Great Expectations (Classic Starts Series)

Great Expectations (Classic Starts Series)

Hardcover(Modern Retelling)

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When young Pip accidentally meets a convict out in the marsh one Christmas Eve, he has no idea that his life is about to change—forever.   The amazing events following that encounter, and the strange tale of Miss Havisham and her adopted daughter Estella, have made Great Expectations a must-read since it was first serialized in 1860. Now, young readers can enjoy Dickens’s engrossing story in this simplified yet thrilling version.

Product Details

ISBN-13: 9781402766459
Publisher: Sterling Children's Books
Publication date: 02/02/2010
Series: Classic Starts® Series
Edition description: Modern Retelling
Pages: 160
Sales rank: 62,169
Product dimensions: 5.50(w) x 7.60(h) x 0.70(d)
Age Range: 7 - 9 Years

About the Author

Charles Dickens (1812-1870) is probably the greatest novelist England has ever produced, the author of such well-known classics as A Christmas Carol, Great Expectations, David Copperfield and Oliver Twist. His innate comic genius and shrewd depictions of Victorian life — along with his indelible characters — have made his books beloved by readers the world over.

Date of Birth:

February 7, 1812

Date of Death:

June 18, 1870

Place of Birth:

Portsmouth, England

Place of Death:

Gad's Hill, Kent, England


Home-schooling; attended Dame School at Chatham briefly and Wellington

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Great Expectations (Classic Starts Series) 4.7 out of 5 based on 0 ratings. 9 reviews.
Anonymous More than 1 year ago
This really good book you should read it!!
jenniferbogart on LibraryThing More than 1 year ago
There are two widely divergent schools of thought amongst home educators regarding the classics. You should only ever read them to (or have your children read) the unabridged, original versions. Another school of thought states that if you wish to have a great books education for your children, it is helpful to read them (or have them read) high quality abridgements and retellings of the original works during the grammar years.Though I have in the past steadfastly held to the first position, after reading Great Expectations (Classic Starts) ¿ a child-friendly retelling of Dickens¿ classic story for readers from 9 ¿ 12, I have to say that I can see how children¿s versions can be a useful tool. Children can read and easily understand the simplified style while picking up on the major characters, themes, setting, and plot, while not becoming bogged down in the original work. Then when they revisit it, they will gain all the more from the original. The creamy pages, larger font size, and generous line spacing also combine to make this handsome hardcover edition a great choice for young readers.Actually (and this might sound sacrilegious to Dickens¿ fans), I think I enjoyed the abridgement more than the original. I have always found Great Expectations to be a strange, disturbing sort of story, but when I read this to my daughter she was SO interested ¿ even though she was only seven at the time. She was so excited to find out what would happen to Pip during his adventures through life. I still think the story is a bit odd (sorry Dickens¿ ¿ maybe I¿m just not enough of a ¿Great Books¿ gal) but this rendition is a great starter book to pick up the main points before digging into the real deal.So, what is Great Expectations about anyway? Doesn¿t a book review normally include some verbiage about the story itself? Let me take a crack at it for you. Young Pip is an orphan living with relatives in Victorian England when he encounters an escaped criminal who he aids (somewhat reluctantly) to flee from justice. Soon after this nightmarish experience, he is drawn into a strange friendship with an old woman and her proud young relation ¿ Estella. As he matures, a mysterious benefactor funds his education so that he can become a proper gentleman. This is an incredibly simplified synopsis, but that gives you a tiny taste of what this well-known story is about.This is also a very affordable book ¿ only $5.95 for a hardcover. Pretty nice if you ask me!Reviewed at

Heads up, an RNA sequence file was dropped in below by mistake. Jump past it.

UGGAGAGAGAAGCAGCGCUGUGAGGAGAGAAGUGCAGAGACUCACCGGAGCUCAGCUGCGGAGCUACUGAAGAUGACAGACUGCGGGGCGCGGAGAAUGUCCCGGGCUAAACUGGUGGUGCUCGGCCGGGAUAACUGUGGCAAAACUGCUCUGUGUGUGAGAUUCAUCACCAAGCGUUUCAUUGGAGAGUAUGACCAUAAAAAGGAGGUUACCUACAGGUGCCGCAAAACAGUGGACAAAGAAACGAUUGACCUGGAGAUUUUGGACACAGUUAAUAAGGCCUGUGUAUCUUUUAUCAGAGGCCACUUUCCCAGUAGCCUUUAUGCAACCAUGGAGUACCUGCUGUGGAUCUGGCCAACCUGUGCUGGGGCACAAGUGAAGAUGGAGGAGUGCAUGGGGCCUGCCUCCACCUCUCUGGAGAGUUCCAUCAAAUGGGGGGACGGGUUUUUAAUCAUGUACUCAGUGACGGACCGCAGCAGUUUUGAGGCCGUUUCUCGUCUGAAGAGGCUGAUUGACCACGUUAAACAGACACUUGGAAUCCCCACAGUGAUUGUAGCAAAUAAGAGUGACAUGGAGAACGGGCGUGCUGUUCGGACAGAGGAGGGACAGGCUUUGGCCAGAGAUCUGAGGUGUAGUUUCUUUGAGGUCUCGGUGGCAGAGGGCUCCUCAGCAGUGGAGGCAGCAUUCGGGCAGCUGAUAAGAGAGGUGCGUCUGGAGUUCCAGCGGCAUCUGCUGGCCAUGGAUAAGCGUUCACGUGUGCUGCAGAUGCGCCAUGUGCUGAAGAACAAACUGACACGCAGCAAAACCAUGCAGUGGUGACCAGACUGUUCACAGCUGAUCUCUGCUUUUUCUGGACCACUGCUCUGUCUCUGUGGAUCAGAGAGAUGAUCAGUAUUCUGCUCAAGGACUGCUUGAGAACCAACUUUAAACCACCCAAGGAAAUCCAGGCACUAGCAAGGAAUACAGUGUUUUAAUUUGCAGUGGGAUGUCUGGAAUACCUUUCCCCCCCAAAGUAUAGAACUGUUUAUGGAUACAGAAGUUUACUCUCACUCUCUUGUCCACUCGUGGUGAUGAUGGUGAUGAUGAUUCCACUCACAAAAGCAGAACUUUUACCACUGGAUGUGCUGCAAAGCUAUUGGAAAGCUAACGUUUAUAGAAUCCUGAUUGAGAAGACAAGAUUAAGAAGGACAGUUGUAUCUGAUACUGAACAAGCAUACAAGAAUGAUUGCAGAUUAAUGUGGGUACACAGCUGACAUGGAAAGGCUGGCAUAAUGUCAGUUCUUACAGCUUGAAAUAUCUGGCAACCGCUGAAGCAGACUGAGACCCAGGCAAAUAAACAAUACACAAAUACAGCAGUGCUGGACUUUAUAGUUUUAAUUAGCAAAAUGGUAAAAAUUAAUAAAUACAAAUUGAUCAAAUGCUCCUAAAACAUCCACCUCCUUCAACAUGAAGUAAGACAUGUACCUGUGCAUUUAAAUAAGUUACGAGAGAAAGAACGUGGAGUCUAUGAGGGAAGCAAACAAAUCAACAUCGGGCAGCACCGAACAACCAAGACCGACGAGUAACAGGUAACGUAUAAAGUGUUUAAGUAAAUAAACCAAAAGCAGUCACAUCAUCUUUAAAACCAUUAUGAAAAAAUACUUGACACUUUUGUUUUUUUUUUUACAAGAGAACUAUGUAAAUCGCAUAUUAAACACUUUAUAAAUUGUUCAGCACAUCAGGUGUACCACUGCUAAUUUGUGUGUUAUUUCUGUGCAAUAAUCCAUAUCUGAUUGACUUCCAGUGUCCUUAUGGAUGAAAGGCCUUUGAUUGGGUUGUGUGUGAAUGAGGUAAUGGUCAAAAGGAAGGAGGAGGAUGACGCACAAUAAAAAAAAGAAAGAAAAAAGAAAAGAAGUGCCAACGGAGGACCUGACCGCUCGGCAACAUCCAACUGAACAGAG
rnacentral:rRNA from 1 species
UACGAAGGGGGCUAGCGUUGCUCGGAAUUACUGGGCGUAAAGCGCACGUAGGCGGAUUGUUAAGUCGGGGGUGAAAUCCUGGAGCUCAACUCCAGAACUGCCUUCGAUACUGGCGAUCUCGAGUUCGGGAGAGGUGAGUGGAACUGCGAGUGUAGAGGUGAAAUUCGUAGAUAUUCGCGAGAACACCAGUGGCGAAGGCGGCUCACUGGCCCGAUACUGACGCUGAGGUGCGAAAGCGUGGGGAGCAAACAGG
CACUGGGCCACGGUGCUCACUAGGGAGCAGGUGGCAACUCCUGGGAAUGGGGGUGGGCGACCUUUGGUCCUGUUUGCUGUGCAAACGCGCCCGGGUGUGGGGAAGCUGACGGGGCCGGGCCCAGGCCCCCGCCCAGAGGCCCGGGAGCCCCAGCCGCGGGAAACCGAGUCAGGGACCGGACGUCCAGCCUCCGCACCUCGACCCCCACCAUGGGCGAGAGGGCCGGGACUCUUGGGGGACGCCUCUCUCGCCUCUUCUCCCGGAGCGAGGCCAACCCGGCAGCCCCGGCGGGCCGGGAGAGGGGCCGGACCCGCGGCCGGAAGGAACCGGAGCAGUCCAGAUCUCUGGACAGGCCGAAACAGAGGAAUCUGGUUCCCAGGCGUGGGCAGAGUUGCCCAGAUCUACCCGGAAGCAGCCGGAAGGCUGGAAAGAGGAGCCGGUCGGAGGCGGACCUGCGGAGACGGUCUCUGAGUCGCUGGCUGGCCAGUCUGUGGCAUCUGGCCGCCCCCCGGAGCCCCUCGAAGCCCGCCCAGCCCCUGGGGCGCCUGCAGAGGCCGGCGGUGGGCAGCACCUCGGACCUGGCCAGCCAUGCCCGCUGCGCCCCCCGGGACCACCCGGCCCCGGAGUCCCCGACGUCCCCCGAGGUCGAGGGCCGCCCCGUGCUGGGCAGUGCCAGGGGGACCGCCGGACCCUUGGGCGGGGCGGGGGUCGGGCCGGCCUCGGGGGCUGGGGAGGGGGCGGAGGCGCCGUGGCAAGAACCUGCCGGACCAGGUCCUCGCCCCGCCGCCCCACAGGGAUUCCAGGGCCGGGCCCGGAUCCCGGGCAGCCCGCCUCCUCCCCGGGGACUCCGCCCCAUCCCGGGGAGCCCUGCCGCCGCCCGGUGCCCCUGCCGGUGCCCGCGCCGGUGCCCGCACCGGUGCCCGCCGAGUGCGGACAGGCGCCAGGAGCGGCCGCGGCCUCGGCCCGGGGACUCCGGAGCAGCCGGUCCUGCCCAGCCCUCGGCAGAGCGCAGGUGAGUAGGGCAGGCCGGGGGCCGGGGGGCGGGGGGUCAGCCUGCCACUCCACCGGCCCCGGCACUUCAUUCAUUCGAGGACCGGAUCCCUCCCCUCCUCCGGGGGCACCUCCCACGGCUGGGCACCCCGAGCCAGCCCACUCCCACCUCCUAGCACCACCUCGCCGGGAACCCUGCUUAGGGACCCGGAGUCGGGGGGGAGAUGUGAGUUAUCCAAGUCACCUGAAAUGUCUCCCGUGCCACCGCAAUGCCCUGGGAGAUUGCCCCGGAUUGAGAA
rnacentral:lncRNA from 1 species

skstiles612 on LibraryThing More than 1 year ago
I had never read the original book. However, I did see the movie after it was made. Why? Because several scenes were shot at my favorite museum here in Florida. They used John and Mable Ringlings house C a d' zan as part of the setting I was immediately enthralled with the story. The fact that my first reading of it was through Classic Starts makes me realize how much I missed and how much my students will enjoy it. I liked Pip very much. He was a dreamer and wanted more for himself in a time when people were put into classes and usually didn't get out of their class. He was a commoner, yet he was brought up very respectable. Another great story to put on my shelves.
thebookman99 More than 1 year ago
i think this is the best book of last century and this is a best seller in my book.
Anonymous More than 1 year ago
Yeah, except i think a high school rp would be fun, but not a regular school. Like maybe a school for artsy talented kids and it has classes like hanggliding and parasailing and stuff like that.
Anonymous More than 1 year ago
"You're right..." Aiisha mused. "We could go for it the first time, but then they would have to get better or you'll be ignored."
Anonymous More than 1 year ago
That would work.
jlOR More than 1 year ago
We read A Christmas Carol unabridged, but Great Expectations was too much of a challenge for my third and sixth graders. So we opted for this as our read aloud while studying this time in history and Charles Dickens.
Dylan Hodges More than 1 year ago